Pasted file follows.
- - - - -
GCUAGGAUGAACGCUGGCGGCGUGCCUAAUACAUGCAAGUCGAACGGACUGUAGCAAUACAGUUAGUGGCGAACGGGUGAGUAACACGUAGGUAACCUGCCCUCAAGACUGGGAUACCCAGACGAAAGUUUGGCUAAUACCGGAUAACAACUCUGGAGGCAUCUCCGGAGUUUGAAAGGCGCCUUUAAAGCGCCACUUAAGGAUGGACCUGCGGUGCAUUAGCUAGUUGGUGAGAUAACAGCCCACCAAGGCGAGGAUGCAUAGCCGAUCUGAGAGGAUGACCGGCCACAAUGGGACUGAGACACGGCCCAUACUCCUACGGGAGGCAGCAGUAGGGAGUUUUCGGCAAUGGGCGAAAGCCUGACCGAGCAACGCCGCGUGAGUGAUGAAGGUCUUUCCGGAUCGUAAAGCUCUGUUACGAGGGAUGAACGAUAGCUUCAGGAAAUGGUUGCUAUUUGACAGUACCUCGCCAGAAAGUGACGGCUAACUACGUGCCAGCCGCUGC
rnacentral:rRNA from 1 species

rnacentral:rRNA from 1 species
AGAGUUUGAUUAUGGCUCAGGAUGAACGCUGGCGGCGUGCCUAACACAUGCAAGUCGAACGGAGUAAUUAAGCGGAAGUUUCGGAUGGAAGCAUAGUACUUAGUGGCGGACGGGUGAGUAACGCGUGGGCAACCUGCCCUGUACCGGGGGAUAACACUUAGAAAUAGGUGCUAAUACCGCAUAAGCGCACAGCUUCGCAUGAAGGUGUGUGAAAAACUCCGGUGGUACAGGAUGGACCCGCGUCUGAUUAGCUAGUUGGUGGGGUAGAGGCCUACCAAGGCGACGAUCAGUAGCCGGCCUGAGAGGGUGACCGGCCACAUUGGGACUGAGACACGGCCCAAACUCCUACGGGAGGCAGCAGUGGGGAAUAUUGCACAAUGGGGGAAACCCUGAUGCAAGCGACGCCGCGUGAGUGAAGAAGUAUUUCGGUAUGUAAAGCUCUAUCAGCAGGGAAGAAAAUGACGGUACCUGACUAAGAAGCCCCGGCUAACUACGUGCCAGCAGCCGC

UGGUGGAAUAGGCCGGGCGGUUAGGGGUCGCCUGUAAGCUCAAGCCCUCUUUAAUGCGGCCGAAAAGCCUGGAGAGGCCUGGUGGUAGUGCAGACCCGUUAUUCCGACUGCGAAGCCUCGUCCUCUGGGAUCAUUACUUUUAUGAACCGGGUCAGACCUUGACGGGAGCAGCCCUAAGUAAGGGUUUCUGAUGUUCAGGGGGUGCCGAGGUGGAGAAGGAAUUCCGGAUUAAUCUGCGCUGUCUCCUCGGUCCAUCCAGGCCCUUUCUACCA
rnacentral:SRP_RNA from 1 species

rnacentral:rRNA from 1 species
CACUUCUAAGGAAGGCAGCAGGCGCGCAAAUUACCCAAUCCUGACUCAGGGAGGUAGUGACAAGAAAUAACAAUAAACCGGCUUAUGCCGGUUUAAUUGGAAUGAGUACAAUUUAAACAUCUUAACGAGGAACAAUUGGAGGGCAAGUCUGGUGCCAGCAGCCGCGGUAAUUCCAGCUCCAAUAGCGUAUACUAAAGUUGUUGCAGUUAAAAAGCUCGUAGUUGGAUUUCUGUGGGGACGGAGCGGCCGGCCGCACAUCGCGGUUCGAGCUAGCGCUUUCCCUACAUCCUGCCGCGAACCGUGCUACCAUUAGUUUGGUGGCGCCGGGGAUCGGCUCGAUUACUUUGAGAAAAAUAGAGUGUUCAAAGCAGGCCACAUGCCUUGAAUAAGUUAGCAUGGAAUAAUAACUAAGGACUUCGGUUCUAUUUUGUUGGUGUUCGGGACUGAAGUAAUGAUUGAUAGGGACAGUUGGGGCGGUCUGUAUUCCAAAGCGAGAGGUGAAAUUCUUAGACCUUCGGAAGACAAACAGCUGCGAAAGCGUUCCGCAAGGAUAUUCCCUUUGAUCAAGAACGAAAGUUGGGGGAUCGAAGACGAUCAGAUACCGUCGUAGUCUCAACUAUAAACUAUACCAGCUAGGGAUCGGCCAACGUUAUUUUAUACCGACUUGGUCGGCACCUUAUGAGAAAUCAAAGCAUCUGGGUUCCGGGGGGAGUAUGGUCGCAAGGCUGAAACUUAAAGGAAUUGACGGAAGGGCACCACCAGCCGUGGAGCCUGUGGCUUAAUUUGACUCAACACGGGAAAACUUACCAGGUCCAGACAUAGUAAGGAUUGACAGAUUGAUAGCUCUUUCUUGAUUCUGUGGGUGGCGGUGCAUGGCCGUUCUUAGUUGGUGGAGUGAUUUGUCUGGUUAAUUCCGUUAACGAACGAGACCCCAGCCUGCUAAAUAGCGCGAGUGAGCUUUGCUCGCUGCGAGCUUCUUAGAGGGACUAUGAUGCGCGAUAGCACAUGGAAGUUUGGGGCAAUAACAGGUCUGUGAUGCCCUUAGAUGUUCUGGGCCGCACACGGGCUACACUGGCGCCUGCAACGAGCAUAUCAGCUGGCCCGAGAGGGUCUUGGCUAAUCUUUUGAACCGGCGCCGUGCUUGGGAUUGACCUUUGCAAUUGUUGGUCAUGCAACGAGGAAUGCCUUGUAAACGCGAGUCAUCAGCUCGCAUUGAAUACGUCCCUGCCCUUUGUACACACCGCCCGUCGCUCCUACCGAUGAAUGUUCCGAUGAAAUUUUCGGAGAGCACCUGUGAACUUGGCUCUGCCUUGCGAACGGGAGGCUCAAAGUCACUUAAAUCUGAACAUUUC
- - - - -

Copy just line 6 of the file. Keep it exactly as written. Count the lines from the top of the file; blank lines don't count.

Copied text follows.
rnacentral:SRP_RNA from 1 species